Israeli Medical Team Helps Contain Cholera Outbreak in Zambia
A delegation from Israel’s Sheba Medical Center was involved in helping contain an outbreak of cholera in the African nation of Zambia.
According to the Centers for Disease Control (CDC), cholera is an intestinal infection that can cause “profuse watery diarrhea, vomiting, and leg cramps” in severe cases, resulting in “dehydration and shock” that can be fatal if treatment isn’t given. It typically stems from food or water that’s been plagued by the infection.
The outbreak has resulted in 77 deaths and a total of nearly 4,000 people afflicted with the illness in Zambia since October, in large part due to the poor state of the country’s water and sanitation infrastructure. Schools and public gatherings were being shut down by the Zambian government in response to the outbreak.
Zambian Health Minister Chitalu Chilufya recently said that the number of cholera cases had plummeted and that the government would be taking “the provision of fresh water, education in waste disposal and personal hygiene and other preventive measures” such as vaccinating the population against the infection, according to the Associated Press.
Dr. Arie Aurgarten, who leads Sheba’s pediatric emergency room, echoed Chilufya’s statements in a press release.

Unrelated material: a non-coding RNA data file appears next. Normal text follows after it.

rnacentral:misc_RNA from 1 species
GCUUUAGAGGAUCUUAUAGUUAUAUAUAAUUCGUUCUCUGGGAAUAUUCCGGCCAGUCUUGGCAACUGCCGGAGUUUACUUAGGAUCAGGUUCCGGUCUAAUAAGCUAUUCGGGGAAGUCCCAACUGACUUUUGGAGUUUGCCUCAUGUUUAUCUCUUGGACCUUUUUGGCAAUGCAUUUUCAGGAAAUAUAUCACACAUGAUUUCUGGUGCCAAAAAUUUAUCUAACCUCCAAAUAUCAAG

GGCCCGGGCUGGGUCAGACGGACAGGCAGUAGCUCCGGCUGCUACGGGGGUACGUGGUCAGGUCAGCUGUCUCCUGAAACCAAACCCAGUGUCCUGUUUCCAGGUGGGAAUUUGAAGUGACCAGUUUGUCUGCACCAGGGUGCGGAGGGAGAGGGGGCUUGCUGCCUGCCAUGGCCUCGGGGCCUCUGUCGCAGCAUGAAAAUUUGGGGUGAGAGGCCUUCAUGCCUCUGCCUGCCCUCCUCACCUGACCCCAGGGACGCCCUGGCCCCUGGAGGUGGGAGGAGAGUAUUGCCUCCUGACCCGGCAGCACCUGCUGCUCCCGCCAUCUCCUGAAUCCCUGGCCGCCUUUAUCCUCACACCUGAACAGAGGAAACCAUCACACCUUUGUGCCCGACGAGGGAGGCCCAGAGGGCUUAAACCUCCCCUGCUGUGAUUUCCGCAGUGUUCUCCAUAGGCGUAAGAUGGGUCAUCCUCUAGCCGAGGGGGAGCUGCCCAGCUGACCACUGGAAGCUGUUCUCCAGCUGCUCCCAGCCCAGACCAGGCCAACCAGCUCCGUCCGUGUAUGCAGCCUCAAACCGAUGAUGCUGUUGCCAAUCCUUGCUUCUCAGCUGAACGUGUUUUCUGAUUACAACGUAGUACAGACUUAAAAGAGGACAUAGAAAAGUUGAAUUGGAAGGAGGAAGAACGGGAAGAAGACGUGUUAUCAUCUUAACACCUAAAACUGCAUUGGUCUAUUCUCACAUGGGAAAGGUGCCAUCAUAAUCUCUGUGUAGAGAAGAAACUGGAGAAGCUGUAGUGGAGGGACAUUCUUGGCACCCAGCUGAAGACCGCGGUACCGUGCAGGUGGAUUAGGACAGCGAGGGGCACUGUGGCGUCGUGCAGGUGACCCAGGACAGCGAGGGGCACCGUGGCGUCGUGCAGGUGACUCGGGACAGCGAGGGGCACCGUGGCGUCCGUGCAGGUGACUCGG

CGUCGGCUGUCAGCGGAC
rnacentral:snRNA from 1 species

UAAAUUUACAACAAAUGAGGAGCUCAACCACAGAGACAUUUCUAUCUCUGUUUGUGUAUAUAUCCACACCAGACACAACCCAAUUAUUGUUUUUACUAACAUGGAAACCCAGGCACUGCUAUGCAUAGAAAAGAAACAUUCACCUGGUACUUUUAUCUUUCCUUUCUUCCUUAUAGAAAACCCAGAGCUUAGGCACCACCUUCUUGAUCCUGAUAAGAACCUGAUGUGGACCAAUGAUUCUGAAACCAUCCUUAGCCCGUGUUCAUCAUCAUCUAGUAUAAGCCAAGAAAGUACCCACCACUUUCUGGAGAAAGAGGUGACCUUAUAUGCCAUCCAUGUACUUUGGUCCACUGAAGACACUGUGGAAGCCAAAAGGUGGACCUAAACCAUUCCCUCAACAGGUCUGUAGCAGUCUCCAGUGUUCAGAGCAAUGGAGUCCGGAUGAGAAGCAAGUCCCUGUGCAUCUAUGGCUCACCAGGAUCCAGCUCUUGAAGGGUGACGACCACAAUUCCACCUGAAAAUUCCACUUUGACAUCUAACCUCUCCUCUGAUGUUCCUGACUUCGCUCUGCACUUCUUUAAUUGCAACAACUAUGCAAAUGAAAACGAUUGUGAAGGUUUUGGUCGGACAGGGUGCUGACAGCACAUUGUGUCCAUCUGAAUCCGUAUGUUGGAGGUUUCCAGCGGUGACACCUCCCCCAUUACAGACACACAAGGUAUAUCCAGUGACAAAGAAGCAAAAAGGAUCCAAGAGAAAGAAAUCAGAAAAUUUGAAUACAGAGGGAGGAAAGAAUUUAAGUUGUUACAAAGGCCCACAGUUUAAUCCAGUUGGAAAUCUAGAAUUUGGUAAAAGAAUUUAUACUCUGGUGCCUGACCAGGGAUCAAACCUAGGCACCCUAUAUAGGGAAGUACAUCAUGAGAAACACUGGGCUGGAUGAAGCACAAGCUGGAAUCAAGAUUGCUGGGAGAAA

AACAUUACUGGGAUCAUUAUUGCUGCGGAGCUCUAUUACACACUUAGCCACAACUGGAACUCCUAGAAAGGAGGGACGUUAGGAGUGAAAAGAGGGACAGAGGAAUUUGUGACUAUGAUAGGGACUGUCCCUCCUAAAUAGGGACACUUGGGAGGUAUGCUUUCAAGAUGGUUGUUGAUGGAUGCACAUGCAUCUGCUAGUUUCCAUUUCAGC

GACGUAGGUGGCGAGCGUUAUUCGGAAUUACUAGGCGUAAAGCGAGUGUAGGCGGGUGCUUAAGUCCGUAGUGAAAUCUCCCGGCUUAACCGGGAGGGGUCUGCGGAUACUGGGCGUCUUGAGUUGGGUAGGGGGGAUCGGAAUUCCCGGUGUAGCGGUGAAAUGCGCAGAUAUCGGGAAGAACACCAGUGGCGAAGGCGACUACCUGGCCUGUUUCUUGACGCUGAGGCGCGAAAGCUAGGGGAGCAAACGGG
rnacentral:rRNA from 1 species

“We have treated a lot of people who were very sick,” said Aurgarten. “The epidemic seems to have greatly subsided; we now only have 75 patients who are hospitalized.”
Sheba’s team, the first foreign delegation in Zambia, had been in the country for the past three weeks, where they have been treating patients at a soccer stadium in Lusaka, the capital of Zambia. They also established a lab in the stadium and in Zambia’s central hospital, where they taught people how to use the equipment to test for the infection.
“The team’s established a very, very close and warm relationship with the local Zambia team, which by the way worked excellently on all levels, both on the medical and on the managerial levels,” Professor Elhanon Bar On, director of Sheba’s Israel Center for Disaster Medicine and Humanitarian Response, told the Journal in a phone interview.
Bar On gave a shoutout to Dr. Shiraz Gefen-Halevy for her role in establishing the labs and teaching the local team on how to operate the equipment in the central hospital lab.
Sheba was first established in 1948 as a military hospital; five years later it morphed into a civilian facility and today it features acute and rehabilitation hospitals as well as research and teaching facilities, according to Sheba’s website.
David Levy, Friends of Sheba’s executive director, told the Journal in a phone interview that Sheba has around the same number of beds as “UCLA, USC and Cedars-Sinai combined” and accounts for 30% of Israel’s medical research.
“You can really see the impact it has both within Israel and around the world in what it does,” said Levy.
The medical center does a lot of humanitarian work globally, including work in Ukraine, Tanzania, Papa New Guinea and Mongolia in the past six months.
“Humanitarian work is part of our DNA at Sheba,” said Bar On.